paid, and the commissioners have allowed themselves to be deluded, the Crown has not lost its original right against the estate. This point arose in Hicks v. Keat (t), where pending an administration, and before the accounts were taken, the Attorney-General presented a petition for payment out of the assets of a sum which, under false representations, had been returned to the administrator as overpaid in respect of probate duty : And Lord Langdale held that the application was, at all events, premature; and that it was, therefore, unnecessary to decide the point, which, however, his Lordship appeared to treat as one of importance and difficulty.

(9) 3 Beay. 257.

(3) Drake v. Attorney-General, 10 Cl. & Fin. 257.

(s) See ante, p. 536, 537.
(t) 3 Beav. 141.

END OF PART THE FIRST.

PART THE SECOND.

OF THE ESTATE OF AN EXECUTOR OR ADMINISTRATOR.

BOOK THE FIRST.

OF THE TIME WHEN THE ESTATE OF AN EXECUTOR OR ADMI

NISTRATOR VESTS : AND OF THE QUALITY OF THAT ESTATE,

In considering the nature of the estate which an executor or administrator has in the property of the deceased, it is proposed to inquire, 1. At what time his estate vests; 2. The quality of his estate.

CHAPTER THE FIRST.

OF THE TIME WHEN THE ESTATE OF AN EXECUTOR OR

ADMINISTRATOR VESTS.

ecutor.

AS the interest of an executor in the estate of the deceased Estate of exis derived exclusively from the Will (a), so it vests in the executor from the moment of the testator's death (6). Thus where the demise by an executor, the lessor of the plaintiff in ejectment, was laid two years before he had proved the Will under which he claimed, it was held good (e). So where a testator had given a bailiff authority to distrain, but died almost immediately before the distress was taken; and, after it had been taken in his name, his executor ratified the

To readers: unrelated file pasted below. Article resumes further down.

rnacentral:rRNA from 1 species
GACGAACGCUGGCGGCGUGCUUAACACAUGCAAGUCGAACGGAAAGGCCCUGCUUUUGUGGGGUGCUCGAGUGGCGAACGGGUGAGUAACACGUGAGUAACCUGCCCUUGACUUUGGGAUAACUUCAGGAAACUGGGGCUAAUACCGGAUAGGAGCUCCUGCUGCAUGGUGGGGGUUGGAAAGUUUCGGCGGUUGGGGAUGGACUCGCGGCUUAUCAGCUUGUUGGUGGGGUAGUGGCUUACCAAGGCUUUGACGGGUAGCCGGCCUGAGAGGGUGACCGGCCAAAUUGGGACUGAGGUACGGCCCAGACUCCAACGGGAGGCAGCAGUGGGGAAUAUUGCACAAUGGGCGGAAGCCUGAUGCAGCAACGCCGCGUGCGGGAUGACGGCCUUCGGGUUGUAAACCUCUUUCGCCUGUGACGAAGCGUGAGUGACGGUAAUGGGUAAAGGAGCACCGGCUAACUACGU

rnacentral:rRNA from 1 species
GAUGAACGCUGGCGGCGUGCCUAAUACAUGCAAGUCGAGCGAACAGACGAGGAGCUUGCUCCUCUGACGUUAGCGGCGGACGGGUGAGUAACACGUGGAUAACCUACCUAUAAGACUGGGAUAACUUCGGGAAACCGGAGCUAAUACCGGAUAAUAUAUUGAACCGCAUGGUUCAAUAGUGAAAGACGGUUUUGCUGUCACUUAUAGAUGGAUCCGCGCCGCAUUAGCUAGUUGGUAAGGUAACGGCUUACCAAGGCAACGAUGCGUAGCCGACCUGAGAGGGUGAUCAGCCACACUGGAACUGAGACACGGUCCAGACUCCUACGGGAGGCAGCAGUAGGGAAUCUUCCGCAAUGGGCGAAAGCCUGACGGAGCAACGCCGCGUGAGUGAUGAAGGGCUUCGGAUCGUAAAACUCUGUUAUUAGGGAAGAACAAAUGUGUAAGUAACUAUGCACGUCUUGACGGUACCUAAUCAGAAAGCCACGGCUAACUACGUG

(a) Ante, p. 255, 256.

(6) Com. Dig. Administration, (B. 10.) Woolley v. Clark, 5 B. &

A. 745, 746.

(c) Roe v. Summersett, 2 W. Black, 692.

Estate of administrator.

distress; it was held that the plaintiff might well avow as the bailiff of the executor: because the rent was due from the estate, and the law knows no interval between the testator's death and the vesting of the right in his executor: as soon as he obtains probate, his right is considered as accruing from that period (d).

On the other hand an administrator derives his title wholly from the Ecclesiastical Court: he has none until the letters of administration are granted, and the property of the deceased vests in him only from the time of the grant (e).